Bloody Newroz in Syria’s Jindires may have far-reaching consequences

QAMISHLI, Syria (North Press) – On the eve of Newroz, March 20, members of Ahrar al-Sharqiya, a faction operating within the Turkish-backed Syrian National Army (SNA), opened fire on local residents celebrating the Kurdish holiday in Jindires town in the Afrin region, northwestern Syria, killing four. What could be categorized as another episode of otherwise near-systematic anti-Kurdish violence in Turkish-occupied areas of Syria may yet have profound consequences.

According to on-the-ground accounts, members of Ahrar al-Sharqiya, a large faction from Deir ez-Zor Governorate, eastern Syria, which controls the town of Jindires and its surrounding area, beat a young man for lighting a fire near his home on the eve of Newroz, the Kurdish new year’s celebration. Afrin Post, a local news site, reported that the young man was insulted by the armed militants as an ‘infidel’. His father and two of his uncles came to the young Kurd’s aid and were themselves met with beatings. The militant then opened fire on the family, killing all four men. Three bystanders were injured.

The violence is shocking, though hardly out of the ordinary, as a recent North Press report outlines. Kurds in Afrin, which was occupied by Turkish forces and affilaited Syrian factions in 2018, are regularly and systematically exposed to violence as they celebrate the Kurdish holiday.

On the same Monday evening, Afrin Post reported that militants intimidated Kurds celebrating Newroz in the villages of Hajj Hasna and Miske (also in Jindires). In February alone, at least 10 civilians have been arbitrarily arrested by SNA factions in Afrin, the Syrian Observatory for Human Rights (SOHR), a local watchdog, reports. Turkey has pursued a policy of demographic engineering in the region for the past five years. Afrin’s population was once near-homogenously Kurdish; today, it is majority Arab.

Unforeseen consequences

The aftermath of the killing, however, was out of ordinary. The bodies of at least three of the men were transferred to the hospital in Afrin city, 20km east of Jindires. There, the slain men’s family members were driven away when they began to protest the killing. Eventually, a delegation comprising the family members, the dead bodies in tow, headed south, to the town of Atmeh, which is controlled by Hayat Tahrir al-Sham (HTS, formerly al-Nusra Front). The SOHR reports that they were driven there in cars owned by HTS. In parallel, protests against the killing formed in Jindires; some demonstrators demanded that the HTS enter the area.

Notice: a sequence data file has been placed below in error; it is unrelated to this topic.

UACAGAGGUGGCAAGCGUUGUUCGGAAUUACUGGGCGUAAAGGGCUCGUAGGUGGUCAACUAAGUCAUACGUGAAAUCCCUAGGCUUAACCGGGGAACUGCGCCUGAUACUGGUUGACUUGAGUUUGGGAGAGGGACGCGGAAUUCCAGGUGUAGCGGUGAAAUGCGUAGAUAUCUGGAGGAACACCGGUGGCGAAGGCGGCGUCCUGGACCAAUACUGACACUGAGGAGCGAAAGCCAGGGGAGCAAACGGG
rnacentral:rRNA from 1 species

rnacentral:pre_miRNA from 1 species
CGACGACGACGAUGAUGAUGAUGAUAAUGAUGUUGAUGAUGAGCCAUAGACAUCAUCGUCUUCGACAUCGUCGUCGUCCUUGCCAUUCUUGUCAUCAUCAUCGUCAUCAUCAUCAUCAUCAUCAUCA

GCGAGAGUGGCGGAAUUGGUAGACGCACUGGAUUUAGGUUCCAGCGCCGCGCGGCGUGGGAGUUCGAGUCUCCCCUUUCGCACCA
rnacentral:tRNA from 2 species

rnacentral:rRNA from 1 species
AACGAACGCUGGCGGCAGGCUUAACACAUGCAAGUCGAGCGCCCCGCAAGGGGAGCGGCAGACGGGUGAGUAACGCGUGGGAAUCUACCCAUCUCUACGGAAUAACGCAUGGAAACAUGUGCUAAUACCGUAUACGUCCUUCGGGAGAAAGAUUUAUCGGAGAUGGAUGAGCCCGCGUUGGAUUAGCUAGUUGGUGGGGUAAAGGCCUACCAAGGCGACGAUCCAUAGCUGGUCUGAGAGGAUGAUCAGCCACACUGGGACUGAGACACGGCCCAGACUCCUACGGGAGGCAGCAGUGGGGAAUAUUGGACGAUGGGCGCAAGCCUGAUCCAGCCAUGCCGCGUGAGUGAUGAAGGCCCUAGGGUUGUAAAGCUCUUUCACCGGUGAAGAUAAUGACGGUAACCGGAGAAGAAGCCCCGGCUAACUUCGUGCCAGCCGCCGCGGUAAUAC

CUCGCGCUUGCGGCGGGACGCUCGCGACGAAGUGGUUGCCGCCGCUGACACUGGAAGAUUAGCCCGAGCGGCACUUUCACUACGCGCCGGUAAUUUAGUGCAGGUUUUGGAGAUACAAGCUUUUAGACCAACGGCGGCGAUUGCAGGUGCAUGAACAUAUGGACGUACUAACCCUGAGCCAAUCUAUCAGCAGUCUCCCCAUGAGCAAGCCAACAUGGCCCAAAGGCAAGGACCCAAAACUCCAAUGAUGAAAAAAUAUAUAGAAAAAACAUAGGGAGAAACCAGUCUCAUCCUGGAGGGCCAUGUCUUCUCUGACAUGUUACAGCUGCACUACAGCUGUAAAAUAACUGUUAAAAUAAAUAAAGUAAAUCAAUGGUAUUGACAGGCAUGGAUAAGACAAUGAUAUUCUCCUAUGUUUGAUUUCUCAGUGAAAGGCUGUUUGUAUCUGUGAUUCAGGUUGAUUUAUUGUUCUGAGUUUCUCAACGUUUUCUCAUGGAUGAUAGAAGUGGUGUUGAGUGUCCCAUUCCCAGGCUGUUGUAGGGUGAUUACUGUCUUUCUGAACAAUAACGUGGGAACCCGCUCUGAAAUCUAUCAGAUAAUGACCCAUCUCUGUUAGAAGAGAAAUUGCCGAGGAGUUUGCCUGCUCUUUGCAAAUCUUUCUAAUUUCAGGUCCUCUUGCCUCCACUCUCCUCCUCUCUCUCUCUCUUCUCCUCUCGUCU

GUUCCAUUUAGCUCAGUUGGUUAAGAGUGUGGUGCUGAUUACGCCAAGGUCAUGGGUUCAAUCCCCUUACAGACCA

In Atmeh, the delegation met with HTS leader Abu Mohammad al-Jolani. The details of the conversation have not been published, but all accounts suggest al-Jolani promised to hold the perpetrators to account. The delegation was then escorted by HTS militants back to Jindires in order to bury their loved ones.

HTS has maintained a presence in Turkish-occupied Afrin since it took control over large swathes of the region’s southwest in October 2022, before a feigned withdrawal days later. The jihadist group has outposts in Jindires, as well as in the town of Sheikh al-Hadid, 15 km north, and near Bassouta, 14 km east.

The Syrian Interim Government, the SNA’s political arm, initially attempted to deflect blame by arguing that the shooting was the result of a quarrel, not a targeted policy. Within 24 hours of the incident and HTS’ take-over, the Liberation and Construction Movement (LCM), a coalition of factions headed by Ahrar al-Sharqiya, announced that they had arrested three young Deir ez-Zor-born men for the crime in a nearby camp for earthquake victims. The LCM stated that they were not “formal” members of Ahrar al-Sharqiya, according to Syria TV. No commanders have yet been implicated in the shooting.

These measures have been found wanting by the local Kurdish population, which has continued to protest throughout March 21 and 22. Thousands have travelled from various parts of Afrin to attend the popular demonstrations.

Why does it matter?  

The killings in Jindires were likely incited by ethnic hatred against Afrin’s indigenous Kurdish population. To what degree they were the result of a concrete policy has yet to be determined. The PYD, the largest Kurdish party in north and east Syria, described them as “a continuation of the policy of displacement, ethnic cleansing and demographic change pursued by the Turkish state.” However, the incident on March 20 also points to a more insidious development. Namely, the exploitation of Kurdish grievances by HTS for their own gain.